4. Attitude/Humility: Attitude determines everything, good or bad. If you have a bad attitude and are easily fixated on the negative, you will be a difficult employee to work with. But if you are able to approach each situation (especially bad situations), positively and with an attitude of gratitude, you will enhance every room you walk into, in business and in life.

5. Passion/Ownership: Passion has to come from within – from setting goals and wanting to reach them. It is the X-factor that helps you overcome hurdles when they are put in front of you… because there will always be hurdles. Your passion will push you through. I have never aspired to be average. I have a passion to excel. If you are personally invested in your work, you will go well beyond the struggles that could have otherwise defeated you.

6. Being Coachable: Most of us enter the workforce knowing nothing. We start with a blank slate. Because of this, everybody needs to be open to being coached. If you are the type of person who thinks you know everything, who has all the answers and will not listen, it requires no talent to learn, but it requires too much energy to have you on the team.

7. Doing Extra: It’s the people who do extra in their work without being told to who shine. If you are the type of person who can go the extra mile, you become indispensable. Going above and beyond shows that you actually care about and believe in the company you are working for. That, there, is something that an employer cannot put a value on. Oftentimes, when a person acts selflessly, he/she will be rewarded for it in the long run.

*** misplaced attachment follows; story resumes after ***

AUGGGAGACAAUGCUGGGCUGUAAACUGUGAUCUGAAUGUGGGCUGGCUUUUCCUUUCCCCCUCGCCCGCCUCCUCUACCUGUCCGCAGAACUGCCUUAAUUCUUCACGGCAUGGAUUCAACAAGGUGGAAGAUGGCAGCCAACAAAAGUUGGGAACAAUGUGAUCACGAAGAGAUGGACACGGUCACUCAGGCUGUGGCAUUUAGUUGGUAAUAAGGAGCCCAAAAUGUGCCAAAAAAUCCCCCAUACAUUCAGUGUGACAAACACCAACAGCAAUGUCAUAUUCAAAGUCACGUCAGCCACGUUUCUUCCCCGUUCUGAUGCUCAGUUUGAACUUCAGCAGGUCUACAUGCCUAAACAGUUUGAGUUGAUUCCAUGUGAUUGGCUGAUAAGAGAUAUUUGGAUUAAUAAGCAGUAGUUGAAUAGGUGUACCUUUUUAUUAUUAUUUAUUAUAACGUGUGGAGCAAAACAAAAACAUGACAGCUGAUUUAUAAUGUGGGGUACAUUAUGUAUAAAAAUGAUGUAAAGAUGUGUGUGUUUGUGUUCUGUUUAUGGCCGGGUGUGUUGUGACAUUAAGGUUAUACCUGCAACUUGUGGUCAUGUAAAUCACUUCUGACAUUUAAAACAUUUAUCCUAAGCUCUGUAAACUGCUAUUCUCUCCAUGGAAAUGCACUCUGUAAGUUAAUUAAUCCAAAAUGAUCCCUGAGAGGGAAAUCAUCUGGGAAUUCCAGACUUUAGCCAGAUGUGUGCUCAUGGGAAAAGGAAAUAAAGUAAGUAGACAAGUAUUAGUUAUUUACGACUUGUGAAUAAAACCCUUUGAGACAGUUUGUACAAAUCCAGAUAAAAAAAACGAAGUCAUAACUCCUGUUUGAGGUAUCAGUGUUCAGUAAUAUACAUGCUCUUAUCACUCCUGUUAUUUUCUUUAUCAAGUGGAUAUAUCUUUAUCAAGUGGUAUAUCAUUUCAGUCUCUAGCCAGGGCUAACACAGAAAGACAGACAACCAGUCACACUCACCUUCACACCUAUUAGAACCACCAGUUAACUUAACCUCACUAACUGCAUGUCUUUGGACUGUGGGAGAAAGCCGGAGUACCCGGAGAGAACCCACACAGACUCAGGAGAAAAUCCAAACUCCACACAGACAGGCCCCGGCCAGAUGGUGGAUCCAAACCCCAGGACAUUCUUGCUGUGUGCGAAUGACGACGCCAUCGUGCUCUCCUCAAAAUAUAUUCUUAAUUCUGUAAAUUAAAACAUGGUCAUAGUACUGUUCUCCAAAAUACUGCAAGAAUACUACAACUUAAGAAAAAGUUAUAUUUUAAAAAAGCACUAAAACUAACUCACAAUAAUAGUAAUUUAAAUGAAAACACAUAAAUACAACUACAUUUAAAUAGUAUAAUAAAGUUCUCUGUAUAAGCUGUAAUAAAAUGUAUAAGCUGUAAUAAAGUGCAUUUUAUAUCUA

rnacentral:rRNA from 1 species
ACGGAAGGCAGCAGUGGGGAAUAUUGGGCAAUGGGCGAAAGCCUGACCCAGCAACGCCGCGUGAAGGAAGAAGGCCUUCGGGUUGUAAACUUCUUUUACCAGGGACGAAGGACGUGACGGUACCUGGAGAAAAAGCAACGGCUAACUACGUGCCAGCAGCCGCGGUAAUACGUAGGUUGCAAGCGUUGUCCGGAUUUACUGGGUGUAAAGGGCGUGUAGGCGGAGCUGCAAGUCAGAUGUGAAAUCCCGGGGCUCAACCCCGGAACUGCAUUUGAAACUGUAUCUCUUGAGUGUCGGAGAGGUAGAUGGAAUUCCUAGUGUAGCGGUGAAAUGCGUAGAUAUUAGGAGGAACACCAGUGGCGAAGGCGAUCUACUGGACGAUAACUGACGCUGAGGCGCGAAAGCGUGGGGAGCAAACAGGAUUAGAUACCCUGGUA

8. Being Prepared: There is no single mistake that I have seen make someone a failure in the professional world more than not being prepared. I have had several people come to interview with me who don’t have copies of their resume with them, or a pen. They didn’t research the company and didn’t plan to ask me any questions. Their resumes were all strong, their references spoke well of them. But they basically walked into an opportunity where they could have wowed me, and they threw it away through unpreparedness. In any business situation, you must always be thinking of at least five ways that you can impress the client, the team and your boss through proper preparation. Knowing the answer before the question gets asked… that doesn’t require talent, it requires time, and care.

Lastly, I would like to add that (9.) Honesty and (10.) Transparency are game-changing personality traits. Exhibiting the habits listed above will blossom you into an exceptional professional, but practicing honesty and transparency on top of them will earn you the long-lasting respect, trust and favor of those you work with/for. All of these traits involve nothing that you learned in college, or in a classroom, to be a better professional. They have everything to do with what you have learned in life and through life, to be a better person. May your struggles make you a better person in your personal and professional lives!